Aiden had been attending elementary school and his parents were planning on sending him to middle school in the same district however, that school does not have a program for children with special needs and will not accept him. This means that Aiden will have to attend a school in a neighboring community, one separate from his classmates and siblings. The larger issue they discuss is his future success within his community. As parents, they want Aiden to flourish in his community by getting a job once he graduates, developing relationships with people in his community and being successful as a contributing member of the community. They fear if he attends school outside of his community he will not have these opportunities.
During this show, we also skype with Sara Hart Weir, the Executive Director at the National Down Syndrome Society. Sara explains, “…people with Down Syndrome can live long healthy lives when they are given the extra support when they’re able to go to an inclusive school , like what we’re pushing for Aiden, they’re able to work in the community, go to post-secondary education and pursue their own hopes, dreams and aspirations, just like everyone else.”
Elizabeth Einhart, a special education teacher with a masters in special education joins us to give the educators perspective, having the knowledge of what is necessary to educate children with special needs. Elizabeth clarifies how in an integrated class setting, individualized education plan’s (IEP’s) helps provide some additional support to bridge the education of a student with special needs to the general curriculum. She also expresses how the whole point of having an integrated classroom setting is to expose the children to real life experiences and teach them about compassion and kindness.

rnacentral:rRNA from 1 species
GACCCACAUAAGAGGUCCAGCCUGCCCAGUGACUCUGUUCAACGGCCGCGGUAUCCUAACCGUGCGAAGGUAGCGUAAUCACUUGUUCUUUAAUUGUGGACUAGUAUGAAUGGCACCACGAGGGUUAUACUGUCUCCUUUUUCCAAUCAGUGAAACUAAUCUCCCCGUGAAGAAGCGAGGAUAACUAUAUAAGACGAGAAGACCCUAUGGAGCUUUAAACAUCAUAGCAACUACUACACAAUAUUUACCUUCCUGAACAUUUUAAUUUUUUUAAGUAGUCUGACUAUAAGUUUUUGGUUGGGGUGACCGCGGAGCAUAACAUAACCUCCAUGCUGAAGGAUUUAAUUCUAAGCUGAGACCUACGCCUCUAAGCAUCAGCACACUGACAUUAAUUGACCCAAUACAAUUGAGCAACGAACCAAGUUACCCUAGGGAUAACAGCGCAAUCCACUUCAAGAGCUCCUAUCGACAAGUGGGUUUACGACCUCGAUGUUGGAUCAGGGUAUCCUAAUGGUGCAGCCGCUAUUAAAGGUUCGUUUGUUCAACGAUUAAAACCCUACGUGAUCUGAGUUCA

Adrienne Arkontaky, a special needs attorney with the Cuddy Law Firm provides further insights and clarification on these issues discussed during the show. Adrienne explains, “The responsibility of the school district is to provide a free appropriate public education at no cost to the families and what the Individuals with Disabilities Education Act says is that the school districts must provide an education in the lease restrictive environment and to the greatest extent possible in a community school.”
Every child is unique. Parents need to be engaged and proactive to ensure their child with special needs is afforded every opportunity to realize their full potential.
Tune in to Telecare on Monday, September 26, 2016 at 1:30 pm to watch this brand new episode. In case you miss it, each episode also airs on Wednesdays at 9:30 am and Thursdays at 1:30 pm & 10:30 pm.
We invite you to watch and be inspired! Family Comes First™ airs exclusively on Telecare TV – Cablevision Channels 29 and 137; Time Warner Channels 106 (Manhattan) and 471 (Queens); or Verizon FiOS TV Channel 296.
National Down Syndrome Society
The mission of the National Down Syndrome Society is to be the national advocate for the value, acceptance and inclusion of people with Down syndrome.